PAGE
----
Black holes are arguably one of the most interesting celestial bodies in the Universe. First predicted by Albert Einstein’s theory of general relativity in 1915, their gravity is so strong that not even light can escape them.
Astronomical observations have shown that the largest of these objects are often located at the centers of galaxies, significantly affecting their evolution. However, it has recently been discovered that the masses of some black holes are much larger than current theory of galaxy formation predicts.
To solve this disagreement between theory and observation a team of researchers from nine countries and 26 institutions have proposed a new mechanism for black hole growth. They are commonly thought to increase in mass by absorbing matter, but the researchers of the new study think another mechanism is also at play. They believe this might not only resolve the above contradiction, but also indicate that black holes could be a fundamental constituent of a mysterious entity called dark energy.
“This is a really surprising result,” explained David Clements of Imperial College London, one of the authors of the study, in a statement. “We started off looking at how black holes grow over time and may have found the answer to one of the biggest problems in cosmology.”
Black holes that are too big
Galaxies hosting these massive black holes are called giant ellipticals, which describes their size and shape, and are thought to have evolved rapidly during a time in the early universe, after which they became dormant. This means that star formation in these galaxies has long since ended, leaving almost no material in their galactic centers for black holes to consume, thus halting their growth.
However, recent astronomical observations have shown that their black holes are too large to fit this picture as they are 8–20 times heavier than scientists expected based on the rate at which black holes should absorb galactic matter by pulling it in with their enormous gravity.
To resolve this discrepancy, the team has revived an idea put forward earlier, according to which a black hole not only grows by accreting matter but increases in size with the expansion of the Universe. This hypothetical phenomenon is known as “cosmological coupling”.
In their paper published in The Astrophysical Journal Letters, the researchers have analyzed various possible types of cosmological coupling of black holes with the Universe expansion within the framework of general relativity and concluded that if black holes grow at exactly the same rate as the Universe expands, then their observed sizes are in perfect agreement with the theory, and the contradiction disappears.
Black holes as dark energy
While this reconciliation of observational data with theory is very important in itself, an even more striking result of the study maybe the fact that growing black holes could be the cause for the accelerated expansion of the Universe.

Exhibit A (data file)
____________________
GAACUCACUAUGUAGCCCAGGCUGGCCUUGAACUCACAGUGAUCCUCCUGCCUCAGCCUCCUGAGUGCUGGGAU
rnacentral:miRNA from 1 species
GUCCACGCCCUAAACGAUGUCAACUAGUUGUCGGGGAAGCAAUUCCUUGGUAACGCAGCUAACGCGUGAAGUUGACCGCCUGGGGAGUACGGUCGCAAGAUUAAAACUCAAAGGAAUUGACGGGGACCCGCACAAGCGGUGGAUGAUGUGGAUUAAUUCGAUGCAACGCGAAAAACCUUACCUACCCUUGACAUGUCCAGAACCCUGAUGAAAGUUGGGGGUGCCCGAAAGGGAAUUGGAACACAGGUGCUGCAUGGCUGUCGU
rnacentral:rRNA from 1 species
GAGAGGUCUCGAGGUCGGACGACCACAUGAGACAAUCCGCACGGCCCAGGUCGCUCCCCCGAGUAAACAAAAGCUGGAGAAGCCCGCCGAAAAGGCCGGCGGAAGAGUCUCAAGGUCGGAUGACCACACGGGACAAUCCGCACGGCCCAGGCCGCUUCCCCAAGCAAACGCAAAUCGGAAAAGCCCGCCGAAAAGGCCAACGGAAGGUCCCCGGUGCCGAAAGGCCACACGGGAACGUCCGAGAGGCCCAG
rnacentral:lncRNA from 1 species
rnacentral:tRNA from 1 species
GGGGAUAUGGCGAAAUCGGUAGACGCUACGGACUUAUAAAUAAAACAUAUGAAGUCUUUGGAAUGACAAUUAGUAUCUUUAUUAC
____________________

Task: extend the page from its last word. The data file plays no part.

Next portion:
The evolution of the cosmos as a whole is described by Einstein’s general theory of relativity, which treats space as a dynamical entity whose shape is determined by the particles and fields moving in it. However, to date, theorists have found that no known types of matter or radiation can be used to describe this accelerated expansion. In order to account for this, they speculate that an unknown substance, called dark energy, must be responsible to help make current theory consistent with observations.
Despite the fact that dark energy helps explain observational data, many scientists are not convinced by an entity whose origin is unclear and for which there is no evidence.
Clemens and his collaborators have shown that if black holes indeed grow as the Universe expands, then this has the same effect on the geometry of space and on the behavior of all types of matter as dark energy.
“What that means, though, is not that other people haven’t proposed sources for dark energy, but this is the first paper where we’re not adding anything new to the Universe as a source for dark energy: black holes in Einstein’s theory of gravity are the dark energy,” said Duncan Farrah of the University of Hawai’i, lead author of the study.
The scientists have computed the effect that black holes should have on the expansion of the Universe and found that there are enough of them to cause the observed rate of expansion, which means that the need for dark energy disappears.
They emphasize that further astronomical observations are needed to make sure that their hypothesis is correct, but if it turns out that it is, this will be one of the most important discoveries in cosmology in recent years.
“If the theory holds, then this is going to revolutionize the whole of cosmology, because at last we’ve got a solution for the origin of dark energy that’s been perplexing cosmologists and theoretical physicists for more than 20 years,” concluded Chris Pearson from STFC RAL Space and another of the study’s authors.
Reference: D. Farrah et al., Observational Evidence for Cosmological Coupling of Black Holes and its Implications for an Astrophysical Source of Dark Energy, The Astrophysical Journal Letters (2023), DOI: 10.3847/2041-8213/acb704.
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